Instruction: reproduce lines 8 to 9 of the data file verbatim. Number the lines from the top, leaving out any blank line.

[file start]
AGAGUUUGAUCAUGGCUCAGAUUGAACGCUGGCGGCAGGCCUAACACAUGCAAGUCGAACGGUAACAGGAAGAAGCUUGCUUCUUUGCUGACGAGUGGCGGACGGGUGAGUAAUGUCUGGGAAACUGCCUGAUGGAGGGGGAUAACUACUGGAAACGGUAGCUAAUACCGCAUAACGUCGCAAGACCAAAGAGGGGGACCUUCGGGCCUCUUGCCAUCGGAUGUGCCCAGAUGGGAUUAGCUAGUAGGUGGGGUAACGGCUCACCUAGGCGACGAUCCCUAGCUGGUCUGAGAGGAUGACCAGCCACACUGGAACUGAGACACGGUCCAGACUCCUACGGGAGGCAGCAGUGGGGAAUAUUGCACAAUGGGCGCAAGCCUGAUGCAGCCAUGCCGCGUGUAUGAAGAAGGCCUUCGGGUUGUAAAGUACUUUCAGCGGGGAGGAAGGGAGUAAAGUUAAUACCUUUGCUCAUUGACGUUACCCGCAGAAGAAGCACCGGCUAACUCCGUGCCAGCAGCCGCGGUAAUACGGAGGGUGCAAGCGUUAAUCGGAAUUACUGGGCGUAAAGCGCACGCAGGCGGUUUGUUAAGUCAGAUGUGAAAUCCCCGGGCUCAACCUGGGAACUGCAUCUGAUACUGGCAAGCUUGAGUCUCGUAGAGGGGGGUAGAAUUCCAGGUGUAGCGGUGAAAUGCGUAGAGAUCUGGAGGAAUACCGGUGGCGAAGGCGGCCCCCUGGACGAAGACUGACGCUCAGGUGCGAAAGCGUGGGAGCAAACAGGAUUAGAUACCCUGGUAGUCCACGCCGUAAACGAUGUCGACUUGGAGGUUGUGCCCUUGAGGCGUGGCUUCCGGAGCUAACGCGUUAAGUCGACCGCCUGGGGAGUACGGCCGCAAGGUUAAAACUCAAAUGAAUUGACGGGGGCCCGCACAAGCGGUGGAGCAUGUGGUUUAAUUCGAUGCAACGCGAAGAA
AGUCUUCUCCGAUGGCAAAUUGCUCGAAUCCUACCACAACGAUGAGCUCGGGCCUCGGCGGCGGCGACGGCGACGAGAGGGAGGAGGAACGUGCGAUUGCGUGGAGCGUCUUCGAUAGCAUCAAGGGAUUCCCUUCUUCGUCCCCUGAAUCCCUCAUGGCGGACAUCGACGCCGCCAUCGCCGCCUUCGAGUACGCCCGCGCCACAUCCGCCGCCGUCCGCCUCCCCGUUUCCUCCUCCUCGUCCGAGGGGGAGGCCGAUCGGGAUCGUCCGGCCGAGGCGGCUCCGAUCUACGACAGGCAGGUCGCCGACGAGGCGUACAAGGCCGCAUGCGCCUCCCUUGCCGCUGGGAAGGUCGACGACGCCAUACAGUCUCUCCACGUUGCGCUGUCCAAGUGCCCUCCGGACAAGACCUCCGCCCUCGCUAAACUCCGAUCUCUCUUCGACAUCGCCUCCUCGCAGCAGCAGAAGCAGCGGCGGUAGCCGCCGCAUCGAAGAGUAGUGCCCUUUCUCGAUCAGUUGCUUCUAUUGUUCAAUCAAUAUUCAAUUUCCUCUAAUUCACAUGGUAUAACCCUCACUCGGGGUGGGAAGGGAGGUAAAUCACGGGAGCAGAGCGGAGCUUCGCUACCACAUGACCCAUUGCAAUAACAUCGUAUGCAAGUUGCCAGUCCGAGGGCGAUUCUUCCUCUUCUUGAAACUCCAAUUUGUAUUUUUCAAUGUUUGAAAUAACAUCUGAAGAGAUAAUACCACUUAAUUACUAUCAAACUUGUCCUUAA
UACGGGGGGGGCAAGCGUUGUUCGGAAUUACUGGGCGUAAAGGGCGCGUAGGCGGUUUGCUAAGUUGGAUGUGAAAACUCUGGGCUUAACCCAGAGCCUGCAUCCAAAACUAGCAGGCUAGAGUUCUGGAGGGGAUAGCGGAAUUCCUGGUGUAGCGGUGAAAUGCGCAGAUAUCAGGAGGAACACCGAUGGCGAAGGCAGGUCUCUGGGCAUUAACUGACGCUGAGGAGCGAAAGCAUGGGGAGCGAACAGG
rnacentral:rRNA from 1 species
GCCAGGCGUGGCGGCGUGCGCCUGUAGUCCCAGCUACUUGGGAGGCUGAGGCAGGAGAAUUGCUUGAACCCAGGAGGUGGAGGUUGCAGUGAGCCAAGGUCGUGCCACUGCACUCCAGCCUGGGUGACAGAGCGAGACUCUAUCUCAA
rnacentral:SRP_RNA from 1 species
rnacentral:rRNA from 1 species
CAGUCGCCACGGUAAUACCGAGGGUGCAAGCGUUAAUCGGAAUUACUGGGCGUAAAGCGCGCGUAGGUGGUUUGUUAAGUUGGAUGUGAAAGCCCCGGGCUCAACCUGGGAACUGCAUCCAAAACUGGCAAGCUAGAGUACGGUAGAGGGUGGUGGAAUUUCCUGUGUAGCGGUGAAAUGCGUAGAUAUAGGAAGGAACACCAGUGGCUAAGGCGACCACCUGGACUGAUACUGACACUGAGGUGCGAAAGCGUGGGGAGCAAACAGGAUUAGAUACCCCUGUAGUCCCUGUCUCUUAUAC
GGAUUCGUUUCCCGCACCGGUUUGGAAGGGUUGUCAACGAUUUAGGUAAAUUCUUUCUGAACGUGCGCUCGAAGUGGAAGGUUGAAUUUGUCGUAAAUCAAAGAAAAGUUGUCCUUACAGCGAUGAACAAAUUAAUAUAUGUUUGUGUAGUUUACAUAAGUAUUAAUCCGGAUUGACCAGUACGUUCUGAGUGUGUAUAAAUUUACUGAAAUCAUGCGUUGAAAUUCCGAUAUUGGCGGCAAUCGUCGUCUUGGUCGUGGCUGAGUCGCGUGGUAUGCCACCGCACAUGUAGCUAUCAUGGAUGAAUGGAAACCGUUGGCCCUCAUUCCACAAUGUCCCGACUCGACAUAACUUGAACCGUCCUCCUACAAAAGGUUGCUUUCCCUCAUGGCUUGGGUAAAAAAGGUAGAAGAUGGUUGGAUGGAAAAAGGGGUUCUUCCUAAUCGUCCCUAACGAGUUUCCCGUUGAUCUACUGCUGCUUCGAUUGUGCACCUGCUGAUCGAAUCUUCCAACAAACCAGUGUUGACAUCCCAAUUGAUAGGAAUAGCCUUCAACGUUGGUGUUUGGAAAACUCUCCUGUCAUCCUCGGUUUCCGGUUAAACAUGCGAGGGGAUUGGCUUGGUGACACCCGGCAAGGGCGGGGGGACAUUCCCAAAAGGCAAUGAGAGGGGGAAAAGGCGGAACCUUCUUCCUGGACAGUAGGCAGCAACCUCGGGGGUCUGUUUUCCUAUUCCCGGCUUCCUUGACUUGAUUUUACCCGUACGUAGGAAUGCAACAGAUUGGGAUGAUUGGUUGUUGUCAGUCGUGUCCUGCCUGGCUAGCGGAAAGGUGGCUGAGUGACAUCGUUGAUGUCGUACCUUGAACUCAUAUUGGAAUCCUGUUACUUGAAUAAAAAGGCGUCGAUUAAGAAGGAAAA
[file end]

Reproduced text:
CAGUCGCCACGGUAAUACCGAGGGUGCAAGCGUUAAUCGGAAUUACUGGGCGUAAAGCGCGCGUAGGUGGUUUGUUAAGUUGGAUGUGAAAGCCCCGGGCUCAACCUGGGAACUGCAUCCAAAACUGGCAAGCUAGAGUACGGUAGAGGGUGGUGGAAUUUCCUGUGUAGCGGUGAAAUGCGUAGAUAUAGGAAGGAACACCAGUGGCUAAGGCGACCACCUGGACUGAUACUGACACUGAGGUGCGAAAGCGUGGGGAGCAAACAGGAUUAGAUACCCCUGUAGUCCCUGUCUCUUAUAC
GGAUUCGUUUCCCGCACCGGUUUGGAAGGGUUGUCAACGAUUUAGGUAAAUUCUUUCUGAACGUGCGCUCGAAGUGGAAGGUUGAAUUUGUCGUAAAUCAAAGAAAAGUUGUCCUUACAGCGAUGAACAAAUUAAUAUAUGUUUGUGUAGUUUACAUAAGUAUUAAUCCGGAUUGACCAGUACGUUCUGAGUGUGUAUAAAUUUACUGAAAUCAUGCGUUGAAAUUCCGAUAUUGGCGGCAAUCGUCGUCUUGGUCGUGGCUGAGUCGCGUGGUAUGCCACCGCACAUGUAGCUAUCAUGGAUGAAUGGAAACCGUUGGCCCUCAUUCCACAAUGUCCCGACUCGACAUAACUUGAACCGUCCUCCUACAAAAGGUUGCUUUCCCUCAUGGCUUGGGUAAAAAAGGUAGAAGAUGGUUGGAUGGAAAAAGGGGUUCUUCCUAAUCGUCCCUAACGAGUUUCCCGUUGAUCUACUGCUGCUUCGAUUGUGCACCUGCUGAUCGAAUCUUCCAACAAACCAGUGUUGACAUCCCAAUUGAUAGGAAUAGCCUUCAACGUUGGUGUUUGGAAAACUCUCCUGUCAUCCUCGGUUUCCGGUUAAACAUGCGAGGGGAUUGGCUUGGUGACACCCGGCAAGGGCGGGGGGACAUUCCCAAAAGGCAAUGAGAGGGGGAAAAGGCGGAACCUUCUUCCUGGACAGUAGGCAGCAACCUCGGGGGUCUGUUUUCCUAUUCCCGGCUUCCUUGACUUGAUUUUACCCGUACGUAGGAAUGCAACAGAUUGGGAUGAUUGGUUGUUGUCAGUCGUGUCCUGCCUGGCUAGCGGAAAGGUGGCUGAGUGACAUCGUUGAUGUCGUACCUUGAACUCAUAUUGGAAUCCUGUUACUUGAAUAAAAAGGCGUCGAUUAAGAAGGAAAA